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Electrical fires are a major safety concern for high-rise buildings. Faulty electrical wiring and overloaded circuits can quickly become an inferno, risking many lives.
As a building owner, manager, or employee, you must understand the hazards and take steps to minimize the chance of an electrical fire breaking out. Follow these seven must-follow rules to help prevent electrical fires in your high-rise building.
Regularly Inspect Electrical Systems
One of the best ways to avoid electrical fires is through proactive maintenance and inspection of electrical systems. Building owners and managers should have licensed electricians conduct inspections of all electrical equipment at least annually. Check for frayed wires, loose connections, damaged insulation, and overloaded circuits. Thermography inspections can identify “hot spots,” often indicating a fire hazard. Remediate any issues immediately to prevent potential disasters down the road.
Train maintenance staff to look for signs of electrical arcing, overheating, and smoke from outlets. Pay particular attention to high voltage capacitor banks, which can overheat. The cost of regular inspections is minor compared to the risk of fire-related building damage and lawsuits. Don’t let inspections fall by the wayside, or electrical hazards will creep in unnoticed. Schedule professional electrical inspections like you would regular fire alarm system testing. The small time and financial investment will pay back exponentially in safety.
Ensure Proper Load Balancing
When circuits or outlets are overloaded with too many devices and appliances plugged in, it creates excess heat that can start an electrical fire. Ensure circuits are properly balanced without any one outlet exceeding 80% capacity. Discourage the use of extension cords and multi-plug adapters which overload outlets.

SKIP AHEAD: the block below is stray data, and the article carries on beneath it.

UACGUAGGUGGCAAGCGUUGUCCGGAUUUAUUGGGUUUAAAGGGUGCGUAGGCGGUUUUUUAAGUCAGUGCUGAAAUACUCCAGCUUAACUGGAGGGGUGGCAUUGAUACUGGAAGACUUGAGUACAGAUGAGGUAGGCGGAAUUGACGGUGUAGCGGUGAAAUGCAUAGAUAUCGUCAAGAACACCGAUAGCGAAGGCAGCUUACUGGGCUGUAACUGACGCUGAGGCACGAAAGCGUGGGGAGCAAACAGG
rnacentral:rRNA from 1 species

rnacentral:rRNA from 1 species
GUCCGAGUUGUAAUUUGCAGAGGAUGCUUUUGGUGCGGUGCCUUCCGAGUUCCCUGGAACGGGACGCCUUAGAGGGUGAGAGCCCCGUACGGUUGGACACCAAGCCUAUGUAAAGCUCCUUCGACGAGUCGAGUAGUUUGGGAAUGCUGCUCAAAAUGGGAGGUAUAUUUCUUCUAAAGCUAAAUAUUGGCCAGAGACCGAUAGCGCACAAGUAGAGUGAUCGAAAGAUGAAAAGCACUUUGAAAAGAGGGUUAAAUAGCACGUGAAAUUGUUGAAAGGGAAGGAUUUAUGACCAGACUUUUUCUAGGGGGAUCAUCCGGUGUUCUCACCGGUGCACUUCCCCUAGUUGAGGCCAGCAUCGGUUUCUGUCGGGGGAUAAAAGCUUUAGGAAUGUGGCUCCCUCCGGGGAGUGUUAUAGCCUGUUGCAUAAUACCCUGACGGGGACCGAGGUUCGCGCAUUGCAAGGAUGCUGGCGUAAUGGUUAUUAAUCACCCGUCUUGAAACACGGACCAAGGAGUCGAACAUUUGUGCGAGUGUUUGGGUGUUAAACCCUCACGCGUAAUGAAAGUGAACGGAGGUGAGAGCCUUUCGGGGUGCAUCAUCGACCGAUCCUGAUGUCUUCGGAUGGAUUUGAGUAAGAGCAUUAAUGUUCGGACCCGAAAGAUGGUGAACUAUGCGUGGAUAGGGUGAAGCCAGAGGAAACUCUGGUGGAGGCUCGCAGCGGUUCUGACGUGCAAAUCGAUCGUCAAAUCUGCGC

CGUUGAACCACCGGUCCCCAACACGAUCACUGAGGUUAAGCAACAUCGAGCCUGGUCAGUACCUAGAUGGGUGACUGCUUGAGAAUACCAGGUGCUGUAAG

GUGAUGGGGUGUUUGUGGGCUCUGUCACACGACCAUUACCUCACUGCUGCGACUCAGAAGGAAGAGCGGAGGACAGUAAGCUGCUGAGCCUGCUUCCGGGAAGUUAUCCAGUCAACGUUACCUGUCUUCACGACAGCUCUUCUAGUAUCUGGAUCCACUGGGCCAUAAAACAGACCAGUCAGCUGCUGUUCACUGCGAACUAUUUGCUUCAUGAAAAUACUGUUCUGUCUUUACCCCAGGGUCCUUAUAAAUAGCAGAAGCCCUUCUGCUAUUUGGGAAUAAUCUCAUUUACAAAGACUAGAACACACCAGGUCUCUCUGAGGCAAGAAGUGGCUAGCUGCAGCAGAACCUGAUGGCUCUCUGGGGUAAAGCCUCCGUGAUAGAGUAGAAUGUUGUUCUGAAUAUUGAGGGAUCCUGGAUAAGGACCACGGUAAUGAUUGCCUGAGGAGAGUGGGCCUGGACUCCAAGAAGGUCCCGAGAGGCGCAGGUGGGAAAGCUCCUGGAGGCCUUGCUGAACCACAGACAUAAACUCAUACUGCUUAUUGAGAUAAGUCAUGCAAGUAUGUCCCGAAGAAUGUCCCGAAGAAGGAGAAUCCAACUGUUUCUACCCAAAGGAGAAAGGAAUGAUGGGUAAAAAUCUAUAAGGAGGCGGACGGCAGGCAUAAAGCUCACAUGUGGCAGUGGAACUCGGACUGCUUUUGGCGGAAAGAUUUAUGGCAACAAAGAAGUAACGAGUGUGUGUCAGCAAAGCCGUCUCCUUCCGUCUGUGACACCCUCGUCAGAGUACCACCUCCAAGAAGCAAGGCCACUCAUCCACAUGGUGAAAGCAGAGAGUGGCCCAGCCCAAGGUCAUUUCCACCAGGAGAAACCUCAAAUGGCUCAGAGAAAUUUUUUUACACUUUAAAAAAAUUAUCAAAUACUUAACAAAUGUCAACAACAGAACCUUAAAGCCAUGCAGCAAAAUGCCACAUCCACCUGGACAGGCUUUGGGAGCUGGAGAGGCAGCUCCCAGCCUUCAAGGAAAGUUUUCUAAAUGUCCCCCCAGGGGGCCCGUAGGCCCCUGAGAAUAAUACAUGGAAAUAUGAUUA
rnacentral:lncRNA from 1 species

Install additional circuits and outlets as needed so occupants have sufficient ports for necessary equipment without compromising safety. List the wattage of each outlet on the electrical panel along with the maximum load capacity to make load balancing easier. Proper load balancing is essential in server rooms, which generate significant heat. Don’t let makeshift wiring create an unseen overload.
Use Surge Protectors
Power surges from lightning strikes or faulty electrical work can overload circuits and spark electrical fires. Install professional-grade surge protectors on service panels to safeguard your building’s electrical system. Surge protectors will divert excess energy loads safely to the ground and prevent electrical fires in walls from power surges.
Insist occupants use surge-protecting power strips for their computers, appliances, and other sensitive electronics. This prevents fires from spreading through power outlets while also protecting valuable equipment. Replace all surge protectors according to manufacturer recommendations to ensure continued protection. Only use surge protectors within their useful life, or their protective capabilities will fail when you need them most.
Address Hazards Promptly